Motorcycle 101: How to Buy Your First Motorcycle

Updated: Dec 21, 2018

Admit it, deep down we all want one. Maybe it’s the idea of wearing leather vests adored with badass patches. Maybe It’s the urge to race through the streets going twice the legal limit. Or maybe it’s the idea of throwing a girl on the back and touring the country together. But no matter what your motorcycle fantasy is one thing I clear. You know you’re getting a bike someday. And with ridership numbers trending downward in recent years, there are some amazing deals out there. So there has never been a better time to start shopping for the bike of your dreams.

But where do I start? How much should I be spending on a first motorcycle? Should I go used or new? And most importantly, what type of motorcycle is best for me? These are most likely going to be the first questions you’re asking yourself. Lucky for you, you came to the right place. I have been riding motorcycles for years. I’ve ridden everything from Harley’s to Triumphs, and Ducati’s. So based on my experiences, I have created a short list of things to consider when buying your first motorcycle.

Stay Away from Vintage Bikes

Many new riders I meet have this over Romanized idea that they are going to find an old rusty 70’s/80’s era motorcycle, and experience the joy of restoring it. They have this inflated sense of self determination that they really can bring a non-running old bike back to life. This idea is not only foolish, but also dangerous.

Vintage bikes are often times missing safety features of modern bikes. They feature outdated brake designs such as drum brakes, they have finicky electrical systems that can leave you stranded, and they were meant to run on a type of gasoline that we no longer sell in the United States. As a new rider, you need to focus on learning how to ride. And for that, you need modern and mainstream bike as possible. The last thing you need is a 40 year old brake design while you’re riding modern traffic.

So rather than focus on vintage, you’ll want to focus on a bike from the 2000s era. A bike like that will offer better brakes, a trouble free modern fuel injection system, and the bike will be new enough to take to a dealership if you ever need repairs. Many dealerships aren’t able to work on bikes once they get too old. So buy buying a modern motorcycle, you can guarantee that you’ll be able to find someone to work on your bike.

Stay Below 1000 cc’s and under 100 HP

Motorcycles are categorized by two metrics, CC and horsepower. CC’s refer to the physical engine size, while HP refers to the amount of power the engine has. Let’s take a look at the following examples.

This is a Kawasaki Ninja 250. This bike is a 250 CC engine that produces 36 Horsepower. This bike only weighs 375 pounds when full of fuel. Because the bike has a small engine, it will have a lighter weight. This also means that the smaller engine will not produce a lot of horsepower, meaning the bike will run quite smoothly and you won’t lose control if you accelerate too fast.

Now this on the other hand, is a different story.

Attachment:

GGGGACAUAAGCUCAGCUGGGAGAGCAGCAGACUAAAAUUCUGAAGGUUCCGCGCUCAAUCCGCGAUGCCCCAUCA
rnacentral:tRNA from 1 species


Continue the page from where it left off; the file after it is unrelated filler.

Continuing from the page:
This is a Harley Davidson 1200 Sportster. This bike has a 1200cc engine that produces roughly 60-67 horsepower and weighs about 560lbs with gas. Compared to the Ninja above, The Harley Sportster will produce twice the power of the Ninja and weigh 185 lbs more. Personally I believe this is a dangerous combination for a new rider. You want a bike that is light, nimble, and will stop quickly if you make a mistake. That is why I recommended that you avoid larger CC and heavy bikes when you buy your first motorcycle.

The Bike you want is NOT the Bike you NEED

Many riders I meet have this idea that they have to be married to their first motorcycle. They view their buying their first motorcycle like falling in love with their high school sweetheart. They envision their bike being a part of their lives for several years to come. But this idea couldn’t be further from reality.

The reality is that your first motorcycle should last you two years, and no longer. The whole idea of your first motorcycle is to learn to ride. It’s not to form a deep long term relationship with it. You should buy your first motorcycle with the expectation that you will be getting rid of it in two years. Because chances are the bike type of bike you’ve fallen in love with is not the bike you are ready for.

This is a major mistake many new riders make. They see a Youtube commercial or see a motorcycle in a Hollywood movie and fall in love with it. They envision themselves riding that, and only that bike. But I guarantee you that whoever was riding that bike in that show or movie, did NOT have that model as their first bike. They worked their way up to it, just like every other rider that came before them. And you, will have to do the same.


There is nothing more freeing and exciting than riding a motorcycle. There’s just something so freeing about it and just impossible to explain to a non rider. So while shopping for your first motorcycle, here’s a recap of the three tips we discussed.

· Stay away from Vintage Bikes

· Stay Below 1000cc’s and 100 HP

· The bike you WANT isn’t the bike you NEED

HIt me up ANytime!

Atlanta, Ga


Atlanta, Ga


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